The plot... uh... Okay, I'll do my best here, but there's not a lot of meat to this thing. The movie opens with a voice-over from the film's lead, Michael, who's flying to Quebec for Christmas to reunite with his college girlfriend, Gabi, who dropped out due to her ailing grandmother, Granny.
That's her name in the credits, and she's easily the third most important character behind Michael and Gabi. Arguably, she's more significant than Gabi and deserves the #2 spot. She doesn't appear immediately, however. First, we're introduced to the rest of her family, who live in a sprawling massive gothic mansion full of musty librari…

Laid-Back Camp: Christmas Camp, Mount Fuji and the Laid-Back Camp Girls (2018)

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Do you need something warm and simple sometimes? Me too.

The anime series Laid-Back Camp (Yurucamp) is exactly what it sounds like. There is camping, beautiful scenery, friendship, and yummy-looking food. The last two episodes of the 12-episode series follow the main characters, a group of high-school girls, on a Christmas Eve camping trip.

In "Christmas Camp!" the girls meet up for their planned excursion. Friends (and founders of the school outdoors group) Chiaki and Aoi arrive early and get ice cream at the store up the road. Rin (an experienced solo camper) arrives on her moped, but can't find anyone else, so she sets up her tent a little ways off. Nadeshiko (hyper enthusiastic newbie) gets dropped off by her sister and she and Rin talk about the plan to trade off making meals.

Chiaki and Aoi find firewood at the store and get Rin to come carry most of it on her moped. (Their adult chaperone spends most of these two episodes amiably drunk.) Rin's friend Ena ar…

The Gift of Winter (1974)

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The Gift of Winter is a 1974 Canadian television Christmas special with very low production values that inexplicably stars Gilda Radner and Dan Aykroyd.

Presented as an origin story for snow, the story concerns a group of characters setting out to lodge a complaint against Winter (presented here as sort of a cross between a pagan deity, an ice giant, and a bureaucrat) due to the relentless, bleak season. The characters - and I'll get to them in a moment - are hoping Winter will cancel his season altogether and replace it with more spring or summer.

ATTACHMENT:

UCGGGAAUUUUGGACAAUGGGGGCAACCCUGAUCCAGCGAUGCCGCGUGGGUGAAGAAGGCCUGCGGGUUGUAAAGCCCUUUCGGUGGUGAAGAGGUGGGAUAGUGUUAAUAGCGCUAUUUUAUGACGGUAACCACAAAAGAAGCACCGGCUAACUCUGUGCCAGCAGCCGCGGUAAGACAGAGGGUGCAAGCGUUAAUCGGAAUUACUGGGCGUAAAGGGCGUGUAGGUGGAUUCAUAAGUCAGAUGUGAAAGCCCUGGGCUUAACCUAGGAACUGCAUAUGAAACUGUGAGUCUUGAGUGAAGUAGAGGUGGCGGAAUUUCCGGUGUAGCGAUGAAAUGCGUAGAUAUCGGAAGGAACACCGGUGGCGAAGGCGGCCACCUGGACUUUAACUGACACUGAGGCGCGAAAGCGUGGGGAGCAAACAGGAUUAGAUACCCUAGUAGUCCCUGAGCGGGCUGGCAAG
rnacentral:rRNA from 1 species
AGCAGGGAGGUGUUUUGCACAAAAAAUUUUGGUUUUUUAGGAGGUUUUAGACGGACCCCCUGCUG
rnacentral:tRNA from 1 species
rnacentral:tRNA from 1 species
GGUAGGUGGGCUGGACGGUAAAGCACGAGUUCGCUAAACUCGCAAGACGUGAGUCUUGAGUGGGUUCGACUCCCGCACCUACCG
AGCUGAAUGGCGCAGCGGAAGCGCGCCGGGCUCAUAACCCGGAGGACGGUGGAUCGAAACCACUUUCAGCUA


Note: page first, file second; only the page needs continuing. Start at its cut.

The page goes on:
Well, most of the characters. Two of them are planning to assassinate Winter using dynamite.

"Characters" is almost too strong a word. These are almost better described as caricatures of 70's archetypes. They have names like Goodly, Nicely, Rotten, Malicious... you get the idea. Their personalities are tied to their designs, which are best described as stylized doodles made by a four-year-old. That's not intended as a…

Daddy's Home 2 (2017)

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I've never seen the original Daddy's Home, mainly because I don't entirely hate myself, so I'm unable to offer any opinions on how this stacks up against its predecessor. I have, however, seen a elephant defecate, so I can provide some comparison there (said comparison is not favorable towards Daddy's Home 2).

I should mention that, as much as I despised this film, it managed to make me laugh a handful of times. I really, really didn't want to, but - to the movie's credit - there were a few scenes or jokes that really landed. They were exceptions, none of them came close to redeeming the film, and they mainly felt like the movie was mocking us by showing us what they could have made instead... but they were real scenes. I didn't dream them.

The rest was...

     God.

          Where to begin?

Maybe with the trailers. If you don't recall this movie, first of all, I envy you. Second, it's the one with the trailer where Will Ferrell kisses his fath…